Electoral Design and Voter Welfare from the U.S. Senate: Evidence from a Dynamic Selection Model
Since 1914, the U.S. Senate has been elected and incumbent senators allowed to run for reelection without limit. This differs from several other elected offices in the U.S., which impose term limits on incumbents. Term limits may harm the electorate if tenure is beneficial or if they force high quality candidates to retire but may also benefit the electorate if they cause higher quality candidates to run. We investigate how changes in electoral design affect voter utility by specifying and structurally estimating a dynamic model of voter decisions. We find that tenure effects for the U.S. Senate are negative or small and that incumbents face weaker challengers than candidates running for open seats. Because of this, term limits can significantly increase voter welfare. (Copyright: Elsevier)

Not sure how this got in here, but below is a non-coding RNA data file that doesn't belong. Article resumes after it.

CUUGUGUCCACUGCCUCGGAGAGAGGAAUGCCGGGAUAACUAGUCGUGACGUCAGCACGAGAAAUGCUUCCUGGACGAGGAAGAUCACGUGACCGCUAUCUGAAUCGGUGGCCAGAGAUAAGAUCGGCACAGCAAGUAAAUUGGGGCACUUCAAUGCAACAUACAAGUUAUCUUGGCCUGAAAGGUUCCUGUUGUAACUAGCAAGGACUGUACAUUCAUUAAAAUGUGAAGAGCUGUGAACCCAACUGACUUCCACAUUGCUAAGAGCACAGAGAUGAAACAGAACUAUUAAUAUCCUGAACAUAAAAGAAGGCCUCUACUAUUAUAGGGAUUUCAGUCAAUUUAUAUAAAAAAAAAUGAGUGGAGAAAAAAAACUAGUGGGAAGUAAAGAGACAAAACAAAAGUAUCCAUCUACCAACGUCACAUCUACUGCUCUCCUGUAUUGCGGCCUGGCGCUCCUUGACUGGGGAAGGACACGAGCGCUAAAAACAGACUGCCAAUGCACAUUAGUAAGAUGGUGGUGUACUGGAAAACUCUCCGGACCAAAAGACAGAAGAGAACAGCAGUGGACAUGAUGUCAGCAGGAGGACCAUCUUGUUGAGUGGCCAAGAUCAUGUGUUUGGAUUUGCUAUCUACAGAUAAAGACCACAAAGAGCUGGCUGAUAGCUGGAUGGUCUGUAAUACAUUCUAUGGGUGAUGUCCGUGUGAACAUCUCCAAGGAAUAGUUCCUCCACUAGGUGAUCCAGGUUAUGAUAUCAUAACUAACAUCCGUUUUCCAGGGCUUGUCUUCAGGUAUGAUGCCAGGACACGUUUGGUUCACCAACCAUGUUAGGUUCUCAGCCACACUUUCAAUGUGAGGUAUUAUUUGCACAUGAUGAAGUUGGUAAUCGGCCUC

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Volume (Year): 11 (2008)
Issue (Month): 1 (January)
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